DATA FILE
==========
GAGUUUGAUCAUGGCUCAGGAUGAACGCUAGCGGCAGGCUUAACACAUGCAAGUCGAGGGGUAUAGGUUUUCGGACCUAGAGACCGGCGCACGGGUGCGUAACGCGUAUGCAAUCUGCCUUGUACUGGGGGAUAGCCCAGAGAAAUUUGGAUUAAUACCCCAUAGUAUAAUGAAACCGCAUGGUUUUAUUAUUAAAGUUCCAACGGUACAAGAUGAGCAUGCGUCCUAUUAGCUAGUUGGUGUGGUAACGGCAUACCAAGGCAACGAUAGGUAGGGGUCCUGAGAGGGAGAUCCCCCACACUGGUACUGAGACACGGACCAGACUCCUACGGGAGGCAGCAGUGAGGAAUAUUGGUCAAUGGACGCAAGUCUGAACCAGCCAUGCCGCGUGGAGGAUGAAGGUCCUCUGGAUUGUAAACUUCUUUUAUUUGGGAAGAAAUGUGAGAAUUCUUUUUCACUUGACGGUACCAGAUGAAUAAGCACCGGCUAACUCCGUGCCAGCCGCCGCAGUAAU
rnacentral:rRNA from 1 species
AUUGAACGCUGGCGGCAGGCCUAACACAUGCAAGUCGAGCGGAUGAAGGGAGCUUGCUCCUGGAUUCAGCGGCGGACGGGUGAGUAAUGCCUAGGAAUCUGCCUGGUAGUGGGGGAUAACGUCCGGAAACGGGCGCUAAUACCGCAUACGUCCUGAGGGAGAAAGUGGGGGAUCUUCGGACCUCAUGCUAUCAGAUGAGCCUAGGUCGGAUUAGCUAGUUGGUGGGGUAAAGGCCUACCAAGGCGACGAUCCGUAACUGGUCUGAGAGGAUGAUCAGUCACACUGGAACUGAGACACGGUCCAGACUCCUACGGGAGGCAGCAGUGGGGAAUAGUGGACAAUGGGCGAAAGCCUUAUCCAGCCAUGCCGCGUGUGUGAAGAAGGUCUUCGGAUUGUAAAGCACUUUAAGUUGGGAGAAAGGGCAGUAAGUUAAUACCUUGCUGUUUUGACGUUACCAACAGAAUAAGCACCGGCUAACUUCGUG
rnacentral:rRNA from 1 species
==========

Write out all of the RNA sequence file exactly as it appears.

GAGUUUGAUCAUGGCUCAGGAUGAACGCUAGCGGCAGGCUUAACACAUGCAAGUCGAGGGGUAUAGGUUUUCGGACCUAGAGACCGGCGCACGGGUGCGUAACGCGUAUGCAAUCUGCCUUGUACUGGGGGAUAGCCCAGAGAAAUUUGGAUUAAUACCCCAUAGUAUAAUGAAACCGCAUGGUUUUAUUAUUAAAGUUCCAACGGUACAAGAUGAGCAUGCGUCCUAUUAGCUAGUUGGUGUGGUAACGGCAUACCAAGGCAACGAUAGGUAGGGGUCCUGAGAGGGAGAUCCCCCACACUGGUACUGAGACACGGACCAGACUCCUACGGGAGGCAGCAGUGAGGAAUAUUGGUCAAUGGACGCAAGUCUGAACCAGCCAUGCCGCGUGGAGGAUGAAGGUCCUCUGGAUUGUAAACUUCUUUUAUUUGGGAAGAAAUGUGAGAAUUCUUUUUCACUUGACGGUACCAGAUGAAUAAGCACCGGCUAACUCCGUGCCAGCCGCCGCAGUAAU
rnacentral:rRNA from 1 species
AUUGAACGCUGGCGGCAGGCCUAACACAUGCAAGUCGAGCGGAUGAAGGGAGCUUGCUCCUGGAUUCAGCGGCGGACGGGUGAGUAAUGCCUAGGAAUCUGCCUGGUAGUGGGGGAUAACGUCCGGAAACGGGCGCUAAUACCGCAUACGUCCUGAGGGAGAAAGUGGGGGAUCUUCGGACCUCAUGCUAUCAGAUGAGCCUAGGUCGGAUUAGCUAGUUGGUGGGGUAAAGGCCUACCAAGGCGACGAUCCGUAACUGGUCUGAGAGGAUGAUCAGUCACACUGGAACUGAGACACGGUCCAGACUCCUACGGGAGGCAGCAGUGGGGAAUAGUGGACAAUGGGCGAAAGCCUUAUCCAGCCAUGCCGCGUGUGUGAAGAAGGUCUUCGGAUUGUAAAGCACUUUAAGUUGGGAGAAAGGGCAGUAAGUUAAUACCUUGCUGUUUUGACGUUACCAACAGAAUAAGCACCGGCUAACUUCGUG
rnacentral:rRNA from 1 species